Tips for Answering NCLEX Style Questions
You have taken hundreds of tests so far in your life - probably thousands! - so why is it so hard to pass those nursing exams with NCLEX style questions?
NCLEX questions are not just rote memorization as you might find in other disciplines. You cannot just learn that 2+2 is always 4 and know that 4 will be your answer. NCLEX style questions are designed to help you analyze and apply all the pieces of nursing knowledge. You know the anatomy, physiology, pathophysiology, and pharmacology...but can you combine them all to take care of your client?
To help you do your best on the in-class exams as well as the NCLEX, here are some tips to help you approach the questions the right way.
First things first!!!
Before you can take the test, you need to take care of YOU! That means taking care of your body and mind to make sure they are in the best state to take a test. Let's take a look at a couple of these.
Tips for the testing environment
Control the aspects of your environment that you can. You may not be able to listen to music or turn the lights down, but you can use earplugs that are provided at NCLEX testing centers. (You should be able to bring your own earplugs to use during class exams if needed, just be sure to ask your instructor.)
When you feel yourself getting tense, anxious or losing hope, close your eyes and take some deep breaths.
Tips for your Body
Take a break when you need it. While taking your NCLEX exam, the computer will offer you a break at the 2-hour mark and at 3 1/2 hours, but you can take additional breaks as needed. (All break time used does count towards your overall testing time so these should be short breaks!) It can be tempting to just sit and try to get through the test as quickly as possible. But if your body or brain are uncomfortable, your thought process is not going to be as effective.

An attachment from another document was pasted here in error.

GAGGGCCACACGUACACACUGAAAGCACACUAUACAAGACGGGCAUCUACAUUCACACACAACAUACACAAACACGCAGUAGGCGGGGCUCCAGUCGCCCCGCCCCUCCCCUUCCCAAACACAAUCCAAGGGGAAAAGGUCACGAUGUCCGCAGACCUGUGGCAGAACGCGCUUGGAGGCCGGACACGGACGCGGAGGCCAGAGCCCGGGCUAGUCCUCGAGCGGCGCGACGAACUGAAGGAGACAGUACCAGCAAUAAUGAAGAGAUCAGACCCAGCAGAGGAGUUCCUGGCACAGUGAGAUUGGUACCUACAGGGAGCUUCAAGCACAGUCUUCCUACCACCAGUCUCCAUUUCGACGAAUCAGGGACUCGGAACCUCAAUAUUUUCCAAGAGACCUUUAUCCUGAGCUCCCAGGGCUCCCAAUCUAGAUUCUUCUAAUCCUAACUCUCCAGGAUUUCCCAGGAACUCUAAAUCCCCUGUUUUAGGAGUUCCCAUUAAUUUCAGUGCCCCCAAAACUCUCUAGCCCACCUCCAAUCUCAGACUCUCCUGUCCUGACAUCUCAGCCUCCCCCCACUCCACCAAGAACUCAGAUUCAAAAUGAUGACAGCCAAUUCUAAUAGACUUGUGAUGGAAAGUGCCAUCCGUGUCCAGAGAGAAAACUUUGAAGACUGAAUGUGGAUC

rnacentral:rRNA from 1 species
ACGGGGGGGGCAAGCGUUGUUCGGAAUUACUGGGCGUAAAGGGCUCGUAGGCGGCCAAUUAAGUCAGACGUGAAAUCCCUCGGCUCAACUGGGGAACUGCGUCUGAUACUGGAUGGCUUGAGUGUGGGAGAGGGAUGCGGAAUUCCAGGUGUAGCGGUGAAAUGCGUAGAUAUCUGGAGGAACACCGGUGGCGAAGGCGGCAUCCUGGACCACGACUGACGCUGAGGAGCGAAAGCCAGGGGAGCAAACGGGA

Raise your hand to alert the room monitor you need a break. You cannot leave the building, but you can take a bathroom break and stretch your body. While you are stretching, be sure to open your arms out to open up your shoulders and chest and take some slow, deep breaths - those breaths can help increase your oxygen level to help you think, but they can also help to reduce your anxiety and slow down any unhealthy thought process that is interfering with your test taking. The stretching helps loosen those tight muscles before you go back to finish your test.
Now, on to the Test!!!!
Tips for answering a question
- Read the question ALL THE WAY THROUGH. Do not stop reading halfway through the questions because you think you know what it's asking. Read it COMPLETELY so you can identify what the question is asking.
- Once you've read the question, stop, and try to answer it without reading the provided options. If you can answer confidently without reviewing the options, you will be less likely to change your answer once you have seen the options! If you weren't able to answer without reading the options, it's okay! Now, you just need to dig into the questions a little more!
- Reread the question to find key phrases or keywords that are in the question stem. Those keywords and phrases can be a key to unlocking the answer! They tell you what will tell you what the answer is expecting. Words such as best, first, always, never, primary, initial/immediate action, most appropriate, expected outcome, priority action are the big ones to watch for! If you are taking a paper exam in class, it's a great idea to circle or underline these words (if you can write on the test) or just write it on your allowed scrap paper or dry-erase board.
- It might seem silly to say to "just eliminate wrong answers," but it is actually pretty important! Usually, you can take a question that has 4 answers and eliminate at least one answer, you can even confidently eliminate 2!. Great! Now, you have just increased your chances of answering correctly (even if only by guessing) from 25% to up to 50%! One trick for evaluating an answer to see if it should be eliminated is to re-read or re-word the question using each answer choice. If it doesn't seem to fit with the question or cannot accurately complete the sentence, eliminate it, and move on to the next option for evaluation.